E) printed in a font that is different than that of the report text.
Question 20 0 / 1 point
The authors of an informational report have referred to a multitude of data on the spending habits of 18- to 25-year-old Americans. They want to provide readers with access to this information, but realize it’s too lengthy to include in the body of the report. Where should they place it?
A) Nowhere-it should simply be left out.
B) In an appendix.
C) After the letter of transmittal.
D) Between the prefatory parts and the introduction.
E) At the very end of the report, in a section labeled “Extras.”
Question 21 1 / 1 point
Which of the following is not a typical function of the introduction to a report?
A) Telling the audience what the report is about
B) Explaining to readers why they should be concerned about the topic
C) Outlining how the report is organized
D) Documenting sources
E) All of these are typical functions.
Question 22 1 / 1 point
You’re preparing a report on how to reduce network problems at your company’s home office. Since the report is organized in the direct approach, the close should
A) present the conclusions and recommendations for the first time.
B) be relatively long.
C) be relatively brief.
D) end by asking readers what they think is the best course of action.
E) make it clear that it would be foolish and irresponsible to ignore your recommendations.
Question 23 1 / 1 point
The best way to decide what to include in an introduction is to
A) consult with more-experienced report writers.
B) figure out what kinds of information will most help your readers follow and comprehend the report.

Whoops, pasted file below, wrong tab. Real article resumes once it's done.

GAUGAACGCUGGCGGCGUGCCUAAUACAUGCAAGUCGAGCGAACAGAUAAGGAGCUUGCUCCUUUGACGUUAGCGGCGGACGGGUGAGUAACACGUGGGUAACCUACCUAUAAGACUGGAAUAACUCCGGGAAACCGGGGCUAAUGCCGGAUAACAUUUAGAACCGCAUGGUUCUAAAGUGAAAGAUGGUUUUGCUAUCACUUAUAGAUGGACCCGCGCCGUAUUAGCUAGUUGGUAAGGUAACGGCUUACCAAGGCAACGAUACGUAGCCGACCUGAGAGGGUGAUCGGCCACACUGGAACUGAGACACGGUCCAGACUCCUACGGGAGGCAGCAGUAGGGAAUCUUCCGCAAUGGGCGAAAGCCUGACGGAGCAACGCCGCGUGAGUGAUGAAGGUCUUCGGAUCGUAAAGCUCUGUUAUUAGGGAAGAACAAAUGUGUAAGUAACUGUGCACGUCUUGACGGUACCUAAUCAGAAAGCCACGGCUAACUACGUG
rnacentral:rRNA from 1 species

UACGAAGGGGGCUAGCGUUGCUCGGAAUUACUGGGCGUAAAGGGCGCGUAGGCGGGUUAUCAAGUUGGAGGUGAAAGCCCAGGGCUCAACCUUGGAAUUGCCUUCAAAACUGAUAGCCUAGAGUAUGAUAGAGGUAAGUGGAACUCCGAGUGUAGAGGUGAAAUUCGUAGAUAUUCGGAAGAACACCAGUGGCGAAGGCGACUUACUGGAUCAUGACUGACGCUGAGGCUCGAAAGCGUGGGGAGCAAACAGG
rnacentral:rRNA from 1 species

C) put in as many standard topics as you can cover in 10 pages or less.
D) do a quick survey of potential readers.
E) skim the report quickly, and list what you remember.
Question 24 1 / 1 point
The list of secondary sources at the end of a report can be labeled “References” when
A) it contains fewer than 10 items.
B) it contains more than 50 items.
C) it is incomplete.
D) you want the tone of your report to be conversational.
E) you include works consulted but not mentioned in your report.
Question 25 0 / 1 point
To help ensure accuracy, the table of contents for a formal report should be prepared
A) before the text is written.
B) as you are drafting the text.
C) as you prepare the list of references.
D) along with the footnotes or endnotes.
E) after the report is complete, thoroughly edited, and proofed.
Chapter 13 TF
Question 26 0 / 1 point
It is never appropriate to submit a business report without a title fly.
Question 27 1 / 1 point
The introduction is a good place to tell readers why they should be concerned with your topic.